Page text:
My friends are fed up of hearing me bang on about digital advertising and (to a certain extent) digital marketing generally. I believe that much of it is smoke and mirrors sold to the unwary with promises of subsequent success which, like all advertising is impossible to measure. The old gag that only half of advertising works the problem being that nobody knows which half, is still as true as ever, except I am not convinced the figures for half working don’t greatly exaggerate its efficaciousness.
Perhaps I am outlier, I mute TVs when adverts appear (including the BBC’s repetitive self-publicity) and I do have ad-blockers on most digital devices. Ghostery has opened my eyes to the extent to which we are followed by people trying to flog us any and everything, most of which I neither want or need. I enjoy looking at ads in magazines but rarely remember what they are promoting. I have been chuntering on for several years to anyone who will listen that, “the world is full of two sorts of people, those who have ad-blockers and those who don’t realise that ad-blockers exist.”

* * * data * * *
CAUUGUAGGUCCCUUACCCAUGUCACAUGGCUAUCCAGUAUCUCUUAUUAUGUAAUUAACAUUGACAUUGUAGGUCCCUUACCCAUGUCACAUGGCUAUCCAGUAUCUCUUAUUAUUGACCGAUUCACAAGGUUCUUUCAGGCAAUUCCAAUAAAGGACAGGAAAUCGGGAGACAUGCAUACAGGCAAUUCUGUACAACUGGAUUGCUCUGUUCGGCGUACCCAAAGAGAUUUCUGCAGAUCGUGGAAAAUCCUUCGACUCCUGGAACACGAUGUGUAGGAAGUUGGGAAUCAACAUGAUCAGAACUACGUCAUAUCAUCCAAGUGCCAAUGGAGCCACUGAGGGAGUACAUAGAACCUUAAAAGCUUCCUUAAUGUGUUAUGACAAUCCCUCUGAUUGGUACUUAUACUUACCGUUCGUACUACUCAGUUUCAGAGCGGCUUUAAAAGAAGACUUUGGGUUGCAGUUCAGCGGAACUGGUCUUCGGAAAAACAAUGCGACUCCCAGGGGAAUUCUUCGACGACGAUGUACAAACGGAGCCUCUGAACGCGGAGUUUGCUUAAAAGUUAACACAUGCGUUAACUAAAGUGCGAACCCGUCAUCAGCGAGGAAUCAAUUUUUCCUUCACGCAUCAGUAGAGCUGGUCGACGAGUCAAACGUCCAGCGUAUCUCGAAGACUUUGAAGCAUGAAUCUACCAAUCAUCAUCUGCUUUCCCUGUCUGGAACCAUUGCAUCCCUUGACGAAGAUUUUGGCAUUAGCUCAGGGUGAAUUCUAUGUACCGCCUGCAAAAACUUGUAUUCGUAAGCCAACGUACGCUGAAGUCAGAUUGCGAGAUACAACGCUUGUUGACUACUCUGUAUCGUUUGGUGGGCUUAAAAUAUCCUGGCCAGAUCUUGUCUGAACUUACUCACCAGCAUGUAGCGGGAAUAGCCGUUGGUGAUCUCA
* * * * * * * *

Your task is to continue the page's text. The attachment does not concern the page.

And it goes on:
From Private Eye issue 1429 14-27 October 2016.
“Despite repeated assurances by ad agencies to their clients that customers are craving branded content with which to “engage”, it seems consumers are increasingly inclined to avoid digital marketing wherever possible.
Recent findings by market researchers TNS suggest that over a quarter of people online “actively avoid” sponsored content, while a third feel they are “constantly followed” by online advertising. Even better, data from the Internet Advertising Bureau show that when asked why they block ads on-line, the most popular response is”[I] found out ad-blockers exist” – or, put more simply, “because we can”.
PS John Hegarty’s book on Advertising, Turning Intelligence into Magic, is a must read for anyone who has an interest in the subject of advertising.